Apply by July 30 for CPC funding of Housing, Open Space, Recreation, or Preservation projects

by beth on July 13, 2021

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The Community Preservation Committee is calling for new proposals with the goal of bringing projects to Annual Town Meeting in the spring. The window to apply closes this month.

At Annual Town Meeting in May, residents who want CPC funds to be used for Affordable Housing projects or for projects in/near their neighborhoods were encouraged to propose them.

The comments were in response to questions about lack of CPC Housing projects and criticism of the amount of funding allocated to preservation projects on or near main roads close to the center of town.*

For a project to be approved by the CPC for potential funding, it must fall under at least one of the following categories: Community Housing, Open Space, Recreation, or Historic Preservation:

The Community Preservation Committee shall make recommendations to the Town Meeting for the acquisition, creation and preservation of open space; for the acquisition, rehabilitation, restoration and preservations of historic resources; for the acquisition, creation and preservation of land for recreational use; for the creation, preservation support of community housing; and for the rehabilitation or restoration of such open space, land for recreational use and community housing that is acquired or created as provided in this section. With respect to community housing, the Community Preservation Committee shall recommend, wherever possible, the reuse of existing buildings, or construction of new buildings on previously developed sites.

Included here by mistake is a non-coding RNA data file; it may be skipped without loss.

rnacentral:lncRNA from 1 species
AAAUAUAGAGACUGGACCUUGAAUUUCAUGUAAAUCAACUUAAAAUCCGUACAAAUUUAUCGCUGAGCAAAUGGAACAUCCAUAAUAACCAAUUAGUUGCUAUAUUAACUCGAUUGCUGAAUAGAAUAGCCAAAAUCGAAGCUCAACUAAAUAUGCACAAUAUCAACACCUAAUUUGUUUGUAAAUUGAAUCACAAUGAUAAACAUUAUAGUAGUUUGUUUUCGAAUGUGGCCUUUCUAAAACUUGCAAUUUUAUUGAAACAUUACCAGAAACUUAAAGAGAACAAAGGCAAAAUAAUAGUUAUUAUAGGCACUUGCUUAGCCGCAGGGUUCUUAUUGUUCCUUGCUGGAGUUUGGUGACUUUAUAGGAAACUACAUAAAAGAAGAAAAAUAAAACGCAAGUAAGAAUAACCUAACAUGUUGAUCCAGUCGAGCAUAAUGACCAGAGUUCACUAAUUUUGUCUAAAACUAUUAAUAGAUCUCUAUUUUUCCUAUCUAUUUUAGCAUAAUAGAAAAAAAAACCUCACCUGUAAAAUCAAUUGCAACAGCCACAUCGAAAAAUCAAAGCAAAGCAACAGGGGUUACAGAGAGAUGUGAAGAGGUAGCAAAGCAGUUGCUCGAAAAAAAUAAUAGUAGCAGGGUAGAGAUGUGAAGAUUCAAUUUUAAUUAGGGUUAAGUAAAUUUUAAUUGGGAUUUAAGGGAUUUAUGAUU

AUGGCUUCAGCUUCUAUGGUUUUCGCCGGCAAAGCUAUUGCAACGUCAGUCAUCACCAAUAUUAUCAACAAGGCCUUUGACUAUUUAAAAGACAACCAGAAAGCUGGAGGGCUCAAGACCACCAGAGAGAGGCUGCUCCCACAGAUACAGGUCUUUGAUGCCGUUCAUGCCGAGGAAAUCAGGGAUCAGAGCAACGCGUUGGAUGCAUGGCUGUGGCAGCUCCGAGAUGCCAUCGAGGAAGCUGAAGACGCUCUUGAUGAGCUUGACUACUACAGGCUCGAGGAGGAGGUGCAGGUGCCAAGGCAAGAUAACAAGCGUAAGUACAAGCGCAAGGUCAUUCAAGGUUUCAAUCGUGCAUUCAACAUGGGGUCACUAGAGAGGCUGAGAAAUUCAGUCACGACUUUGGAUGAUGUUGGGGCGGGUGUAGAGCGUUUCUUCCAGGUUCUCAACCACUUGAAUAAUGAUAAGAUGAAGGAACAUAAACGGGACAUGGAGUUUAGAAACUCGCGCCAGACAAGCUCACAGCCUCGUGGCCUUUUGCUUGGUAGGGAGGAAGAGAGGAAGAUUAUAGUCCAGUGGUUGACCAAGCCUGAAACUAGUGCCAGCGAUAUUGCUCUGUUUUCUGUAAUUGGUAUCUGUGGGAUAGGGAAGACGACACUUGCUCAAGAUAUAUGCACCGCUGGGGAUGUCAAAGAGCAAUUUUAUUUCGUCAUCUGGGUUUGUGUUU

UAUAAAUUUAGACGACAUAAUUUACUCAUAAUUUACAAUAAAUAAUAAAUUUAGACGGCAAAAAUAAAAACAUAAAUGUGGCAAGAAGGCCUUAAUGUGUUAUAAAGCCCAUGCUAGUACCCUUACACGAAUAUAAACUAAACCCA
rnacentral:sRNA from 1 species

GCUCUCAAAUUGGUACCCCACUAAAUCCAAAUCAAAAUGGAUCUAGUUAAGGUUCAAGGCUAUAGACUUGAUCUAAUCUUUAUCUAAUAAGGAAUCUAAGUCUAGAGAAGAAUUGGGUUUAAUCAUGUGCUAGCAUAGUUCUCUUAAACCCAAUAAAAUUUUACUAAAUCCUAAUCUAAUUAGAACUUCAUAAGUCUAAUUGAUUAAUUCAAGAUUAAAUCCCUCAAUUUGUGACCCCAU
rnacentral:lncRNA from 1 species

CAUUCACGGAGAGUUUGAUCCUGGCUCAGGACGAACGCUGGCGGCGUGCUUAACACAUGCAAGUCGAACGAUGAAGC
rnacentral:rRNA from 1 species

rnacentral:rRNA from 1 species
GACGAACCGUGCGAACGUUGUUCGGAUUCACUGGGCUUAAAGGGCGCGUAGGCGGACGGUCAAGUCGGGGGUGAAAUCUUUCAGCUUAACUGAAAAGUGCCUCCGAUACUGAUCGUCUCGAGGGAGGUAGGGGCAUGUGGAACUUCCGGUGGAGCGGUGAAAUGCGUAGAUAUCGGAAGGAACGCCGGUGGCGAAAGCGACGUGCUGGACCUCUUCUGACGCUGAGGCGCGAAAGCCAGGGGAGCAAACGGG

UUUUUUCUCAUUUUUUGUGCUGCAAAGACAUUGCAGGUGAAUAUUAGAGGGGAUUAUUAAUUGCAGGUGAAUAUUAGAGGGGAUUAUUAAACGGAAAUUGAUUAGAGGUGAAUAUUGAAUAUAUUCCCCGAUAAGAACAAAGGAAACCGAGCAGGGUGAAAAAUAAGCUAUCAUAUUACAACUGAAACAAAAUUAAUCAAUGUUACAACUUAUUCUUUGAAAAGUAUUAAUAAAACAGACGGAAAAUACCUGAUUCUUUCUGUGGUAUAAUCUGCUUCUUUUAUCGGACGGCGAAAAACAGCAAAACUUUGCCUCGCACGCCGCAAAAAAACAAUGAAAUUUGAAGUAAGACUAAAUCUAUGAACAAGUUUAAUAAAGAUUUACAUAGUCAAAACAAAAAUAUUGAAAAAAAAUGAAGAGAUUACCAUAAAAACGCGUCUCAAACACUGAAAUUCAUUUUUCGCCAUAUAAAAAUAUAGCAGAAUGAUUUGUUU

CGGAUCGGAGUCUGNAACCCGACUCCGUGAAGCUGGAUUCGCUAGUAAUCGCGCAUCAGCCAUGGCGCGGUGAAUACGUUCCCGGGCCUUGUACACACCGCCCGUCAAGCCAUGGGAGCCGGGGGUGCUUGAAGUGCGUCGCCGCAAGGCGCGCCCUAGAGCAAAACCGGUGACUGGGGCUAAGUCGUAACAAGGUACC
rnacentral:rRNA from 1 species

In addition to meeting eligibility criteria, applicants are asked to justify a community need for the project. Applications also ask about implementation and maintenance plans for projects.

CPC projects approved by Town Meeting voters are funded by Community Preservation Act funds. (Although the CPC often encourages applicants to identify supplemental funding sources.) CPA funds are a combination of a surcharge of 1% on all Southborough real estate tax assessments and a partial match by the state.

Town departments and officials, often seek CPC funding as a way to fund projects without increasing the Town’s Operating Budget and therefore property taxes. This spring, voters approved projects related to the Town House, town-owned Southborough Historical Museum (aka Flagg School), and Kallander Field (a recreation field).

But projects also can be proposed by community members (or residents who drum up support and collaboration from Town committees/boards), like the project to support the restoration/preservation of St. Mark’s Episcopal Church’s historic bell tower and the preservation restriction on the Burnett Estate.

To apply for project funding, complete the application form here. Email the application to Andrew Mills, CPC Chair at amills@southboroughma.com AND Frederica Gillespie, CPA Consultant at fg.cpaconsulting@gmail.com by Friday, July 30th.

The CPC will then review applications and schedule meetings to discuss proposals with applicants. Any ultimately approved funding would be for FY23 at the earliest (which begins July 1, 2022.)

You can learn more about the CPC here.

*Questions were raised during a discussion of the controversial project to preserve the St. Mark’s Church’s bell tower. Keturah Martin asked about the impact to funding available for future Affordable Housing projects. Both Al Hamilton and Claire Reynolds objected to the Tower project, noting to a geographical imbalance in allocated funds. Other projects along Main Street include historical preservation projects for the Burnett Estate, the Southborough Library, and the Old Burial Ground, Flagg School, and now the Town House. Funds were also allocated to the golf course on Route 85.

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